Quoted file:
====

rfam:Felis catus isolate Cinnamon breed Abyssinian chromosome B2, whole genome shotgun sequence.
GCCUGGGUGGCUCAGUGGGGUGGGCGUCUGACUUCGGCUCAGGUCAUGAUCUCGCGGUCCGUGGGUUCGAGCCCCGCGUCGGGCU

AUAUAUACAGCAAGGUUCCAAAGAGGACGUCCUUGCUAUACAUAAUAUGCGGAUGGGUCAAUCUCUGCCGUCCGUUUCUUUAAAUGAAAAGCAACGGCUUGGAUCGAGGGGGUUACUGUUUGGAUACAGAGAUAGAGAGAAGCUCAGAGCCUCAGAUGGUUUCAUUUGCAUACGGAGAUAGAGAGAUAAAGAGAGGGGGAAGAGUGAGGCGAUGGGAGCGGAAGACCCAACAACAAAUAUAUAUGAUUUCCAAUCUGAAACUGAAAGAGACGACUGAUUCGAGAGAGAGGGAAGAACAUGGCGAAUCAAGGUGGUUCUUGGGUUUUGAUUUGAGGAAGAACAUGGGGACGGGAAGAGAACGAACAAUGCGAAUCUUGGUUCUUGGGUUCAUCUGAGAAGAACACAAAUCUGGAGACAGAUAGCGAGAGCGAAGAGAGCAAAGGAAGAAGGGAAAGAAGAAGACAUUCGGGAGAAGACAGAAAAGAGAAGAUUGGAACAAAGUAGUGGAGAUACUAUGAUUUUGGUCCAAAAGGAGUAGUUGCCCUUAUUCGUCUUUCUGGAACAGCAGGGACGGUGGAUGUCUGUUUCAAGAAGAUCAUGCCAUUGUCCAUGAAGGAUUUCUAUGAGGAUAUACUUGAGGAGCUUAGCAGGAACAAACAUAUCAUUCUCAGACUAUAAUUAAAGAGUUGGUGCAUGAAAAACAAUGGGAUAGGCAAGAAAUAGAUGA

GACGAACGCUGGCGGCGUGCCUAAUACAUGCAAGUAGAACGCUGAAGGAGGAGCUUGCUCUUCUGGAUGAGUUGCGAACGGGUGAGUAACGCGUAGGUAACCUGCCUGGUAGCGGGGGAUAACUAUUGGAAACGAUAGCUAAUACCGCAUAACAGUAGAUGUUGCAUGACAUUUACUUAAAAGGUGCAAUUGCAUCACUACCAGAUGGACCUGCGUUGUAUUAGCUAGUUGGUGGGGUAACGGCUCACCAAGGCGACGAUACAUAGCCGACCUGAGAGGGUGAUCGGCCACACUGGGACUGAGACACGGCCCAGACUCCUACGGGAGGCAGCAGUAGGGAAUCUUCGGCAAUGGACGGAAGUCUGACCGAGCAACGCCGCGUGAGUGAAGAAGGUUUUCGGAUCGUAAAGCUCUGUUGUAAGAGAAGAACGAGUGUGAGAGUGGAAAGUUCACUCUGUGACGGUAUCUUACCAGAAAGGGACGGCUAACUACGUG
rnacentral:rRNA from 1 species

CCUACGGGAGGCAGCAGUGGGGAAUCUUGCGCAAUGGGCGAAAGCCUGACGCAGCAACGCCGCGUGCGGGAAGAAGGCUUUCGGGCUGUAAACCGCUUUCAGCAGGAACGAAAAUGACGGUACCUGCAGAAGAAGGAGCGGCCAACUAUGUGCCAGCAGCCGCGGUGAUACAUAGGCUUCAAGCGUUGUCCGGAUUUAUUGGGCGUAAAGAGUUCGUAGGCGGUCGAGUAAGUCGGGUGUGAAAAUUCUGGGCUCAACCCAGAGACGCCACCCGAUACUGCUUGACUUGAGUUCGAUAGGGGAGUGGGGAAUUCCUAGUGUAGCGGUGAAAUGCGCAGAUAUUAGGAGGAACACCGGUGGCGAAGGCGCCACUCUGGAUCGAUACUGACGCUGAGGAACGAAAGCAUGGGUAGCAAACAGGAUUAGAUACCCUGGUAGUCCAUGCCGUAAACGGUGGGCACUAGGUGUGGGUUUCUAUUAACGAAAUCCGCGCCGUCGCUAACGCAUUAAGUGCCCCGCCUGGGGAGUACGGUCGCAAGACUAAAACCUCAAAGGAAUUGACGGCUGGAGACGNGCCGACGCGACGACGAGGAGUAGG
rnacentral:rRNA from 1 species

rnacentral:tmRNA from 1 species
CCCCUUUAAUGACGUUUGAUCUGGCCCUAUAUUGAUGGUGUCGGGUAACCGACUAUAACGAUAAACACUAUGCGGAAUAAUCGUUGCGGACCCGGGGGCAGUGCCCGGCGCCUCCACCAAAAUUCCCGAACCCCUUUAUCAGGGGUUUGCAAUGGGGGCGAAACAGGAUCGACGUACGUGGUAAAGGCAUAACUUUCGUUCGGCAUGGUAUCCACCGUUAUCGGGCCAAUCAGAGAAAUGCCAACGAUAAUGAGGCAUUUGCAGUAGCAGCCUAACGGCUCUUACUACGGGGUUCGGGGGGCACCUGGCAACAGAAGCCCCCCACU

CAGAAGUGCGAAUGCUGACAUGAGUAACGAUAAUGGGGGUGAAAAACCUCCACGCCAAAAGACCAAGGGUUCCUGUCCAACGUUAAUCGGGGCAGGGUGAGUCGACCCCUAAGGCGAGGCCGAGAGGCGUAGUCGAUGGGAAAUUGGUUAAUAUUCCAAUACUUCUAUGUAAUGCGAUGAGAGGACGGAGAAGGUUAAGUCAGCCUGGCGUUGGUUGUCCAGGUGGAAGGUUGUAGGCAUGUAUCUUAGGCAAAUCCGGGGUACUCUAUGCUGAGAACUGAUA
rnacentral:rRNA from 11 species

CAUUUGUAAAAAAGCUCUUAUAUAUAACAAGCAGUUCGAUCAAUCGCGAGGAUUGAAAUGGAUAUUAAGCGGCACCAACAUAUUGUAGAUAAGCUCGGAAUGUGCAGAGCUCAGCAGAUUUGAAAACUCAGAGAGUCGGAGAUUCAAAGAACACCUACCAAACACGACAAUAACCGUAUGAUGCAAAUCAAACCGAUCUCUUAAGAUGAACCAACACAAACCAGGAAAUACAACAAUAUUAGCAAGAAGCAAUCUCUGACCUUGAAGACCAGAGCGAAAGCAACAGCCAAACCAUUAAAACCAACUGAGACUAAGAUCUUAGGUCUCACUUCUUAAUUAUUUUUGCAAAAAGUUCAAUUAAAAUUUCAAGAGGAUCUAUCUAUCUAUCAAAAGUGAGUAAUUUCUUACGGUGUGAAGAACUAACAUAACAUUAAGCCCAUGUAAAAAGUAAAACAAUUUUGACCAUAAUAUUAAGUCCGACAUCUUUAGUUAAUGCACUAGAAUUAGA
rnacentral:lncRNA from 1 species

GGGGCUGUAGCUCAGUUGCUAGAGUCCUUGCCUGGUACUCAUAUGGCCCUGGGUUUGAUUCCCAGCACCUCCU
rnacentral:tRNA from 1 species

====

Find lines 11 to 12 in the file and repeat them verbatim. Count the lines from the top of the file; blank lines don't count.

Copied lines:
rnacentral:rRNA from 11 species

CAUUUGUAAAAAAGCUCUUAUAUAUAACAAGCAGUUCGAUCAAUCGCGAGGAUUGAAAUGGAUAUUAAGCGGCACCAACAUAUUGUAGAUAAGCUCGGAAUGUGCAGAGCUCAGCAGAUUUGAAAACUCAGAGAGUCGGAGAUUCAAAGAACACCUACCAAACACGACAAUAACCGUAUGAUGCAAAUCAAACCGAUCUCUUAAGAUGAACCAACACAAACCAGGAAAUACAACAAUAUUAGCAAGAAGCAAUCUCUGACCUUGAAGACCAGAGCGAAAGCAACAGCCAAACCAUUAAAACCAACUGAGACUAAGAUCUUAGGUCUCACUUCUUAAUUAUUUUUGCAAAAAGUUCAAUUAAAAUUUCAAGAGGAUCUAUCUAUCUAUCAAAAGUGAGUAAUUUCUUACGGUGUGAAGAACUAACAUAACAUUAAGCCCAUGUAAAAAGUAAAACAAUUUUGACCAUAAUAUUAAGUCCGACAUCUUUAGUUAAUGCACUAGAAUUAGA